Goodnight, Irene — Irene, Goodnight!
I sincerely hope that any inconveniences suffered by those exposed to Irene were not unbearable and injuries, if any, were minimal. Condolences are in order to those who may have lost a friend or family member. I would like to commend those transit agencies that worked with their respective elected officials in making the decision to keep their bus and rail equipment "in the house." Although a complete shutdown of service may have been a first for some agencies, I'm sure their actions may have prevented even more injuries from occurring.
On another note, during the course of my presentations to large groups, I have come to believe that they are some of the most exciting and inspiring events for transferring critical information regarding bus operator training and safety. Large group presentations are an excellent time to unveil new training concepts and strategies. There is a distinct feel and energy to the room that cannot be duplicated in any other setting.
I will have the distinct honor of conducting a presentation at BusCon 2011 at the Navy Pier in Chicago, Sept. 12 to 14. My presentation will outline how to infuse new operators with a solid core curriculum in under 13 hours, at a time when some agencies might be devoting 40-plus hours to this training. This presentation defines a training process that starts — and stays — on the bus until students are able to demonstrate operational proficiency.
My presentation focuses on standardizing curriculum with five proven specific criteria listed below to increase an agency's efficiency.
- Standardized Criterion-Based Curriculum-To predict the safety performance of student bus operators after training.
- Supplemental "Training Tool" Driving Simulator - To expose the student in a controlled environment where neither the public nor equipment is at risk.
- An Effective Train the Trainer Program - To ensure a smooth transfer from the training bus instructor to the depot "route familiarization" operator.
- Corrective Action/Refresher Solutions - Fixing the problem and attacking known risks.
- Post-Training Programs- Ensuring a "Hire to Retire" philosophy.
The lack of a standardized curriculum and a set time limit makes it impossible to determine whether the identical protocols and techniques being taught to all students and whether those students are learning the material.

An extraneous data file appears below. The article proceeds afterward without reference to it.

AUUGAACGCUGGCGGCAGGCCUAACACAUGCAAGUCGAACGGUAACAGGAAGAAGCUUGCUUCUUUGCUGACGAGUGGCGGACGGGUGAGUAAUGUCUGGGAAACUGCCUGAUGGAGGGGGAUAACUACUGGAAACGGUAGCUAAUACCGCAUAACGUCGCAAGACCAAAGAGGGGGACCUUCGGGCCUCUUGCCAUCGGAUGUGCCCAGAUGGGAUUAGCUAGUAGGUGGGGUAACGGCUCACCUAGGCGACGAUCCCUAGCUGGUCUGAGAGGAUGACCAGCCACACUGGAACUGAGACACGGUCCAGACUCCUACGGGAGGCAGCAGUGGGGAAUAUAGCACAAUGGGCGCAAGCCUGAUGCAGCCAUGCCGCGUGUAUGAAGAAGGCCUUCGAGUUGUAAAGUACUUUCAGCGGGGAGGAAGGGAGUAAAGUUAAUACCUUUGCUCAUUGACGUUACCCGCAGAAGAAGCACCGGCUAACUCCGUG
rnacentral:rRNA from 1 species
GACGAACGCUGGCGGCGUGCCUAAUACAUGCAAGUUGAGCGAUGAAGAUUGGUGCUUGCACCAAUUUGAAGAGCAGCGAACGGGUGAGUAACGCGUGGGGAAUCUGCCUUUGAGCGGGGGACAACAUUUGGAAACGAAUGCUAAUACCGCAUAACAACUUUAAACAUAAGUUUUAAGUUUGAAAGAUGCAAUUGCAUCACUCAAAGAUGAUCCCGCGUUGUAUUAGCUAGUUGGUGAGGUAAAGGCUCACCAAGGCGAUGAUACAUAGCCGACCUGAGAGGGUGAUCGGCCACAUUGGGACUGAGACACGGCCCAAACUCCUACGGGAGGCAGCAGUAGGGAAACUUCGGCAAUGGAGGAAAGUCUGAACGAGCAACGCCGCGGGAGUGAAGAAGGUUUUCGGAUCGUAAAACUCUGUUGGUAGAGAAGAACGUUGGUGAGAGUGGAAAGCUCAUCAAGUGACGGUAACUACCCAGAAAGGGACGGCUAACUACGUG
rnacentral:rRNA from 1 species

If you are considering attending BusCon 2011, please stop by to say hello and introduce yourself as a reader of this blog and consider remaining for the presentation.
At your agency, what does your "ingredient" list contain? What can you add to my "Five?"
In case you missed it...
Read our METRO blog, "OCTA CEO: Getting America back to work," here.
At the Denton County (Texas) Transportation Authority (DCTA), we’re constantly looking for unique ways to engage with passengers, generate brand awareness and increase ridership. This year with Valentine’s Day being on a Saturday, we saw a great opportunity to launch a campaign in which passengers could ride DCTA’s A-train commuter rail and Connect Bus for free on Valentine’s Day all day by saying “Be Mine” to the agency’s rail and bus operators. With low-trending ridership in February, we needed to find a way to increase ridership and brand awareness within Denton County and surrounding cities. Launching the Valentine’s Day promotion definitely would help us achieve this.
Seeing a canine passenger on mass transit is not uncommon, but the reasons why a dog might catch the train or hop a bus are varied (remember Eclipse, the Seattle Lab mix that uses the bus, often on her own, to get to the dog park?). Most public transit pooches are working —as K-9 officers or service animals. In the Philadelphia region, other animals — in approved carriers only—are permitted to ride the Southeastern Pennsylvania Transportation Authority’s buses, trains and trolleys. However, a new pilot program underway by SEPTA allows registered therapy dogs volunteering at two Philadelphia hospitals to use two designated bus routes to travel to their sites.
To be sure, there is no substitute for offering high-quality bus or rail transit service, but many transit agencies skimp when it comes to marketing, outreach, and education and, as a result, the public often has no idea how good the service may actually be. Buses also have an image problem in many communities, which proper marketing could help address. Witness the huge sums spent by automakers in crafting the image of their automobiles.
The Uber website proudly states that, “Uber is evolving the way the world moves. By seamlessly connecting riders to drivers through our apps, we make cities more accessible, opening up more possibilities for riders and more business for drivers. From our founding in 2009 to our launches in over 200 cities today, Uber's rapidly expanding global presence continues to bring people and their cities closer.” Such hype is common on corporate websites, but when the braggadocio is backed up by an article in the Wall Street Journal that discloses a valuation of $41 billion their ambitious words take on relevance.
As the world changes with the rapid advancement of connected devices and technologies, so must the transportation industry. In a business area where change is sluggish, DOTs across the country must adapt quickly to the evolving technologies that are going to impact their operations and budget. There are at least three technologies that will have immense impact over the next two decades on how we travel and how state transportation departments react to provide mobility — connectedness, big data and automation.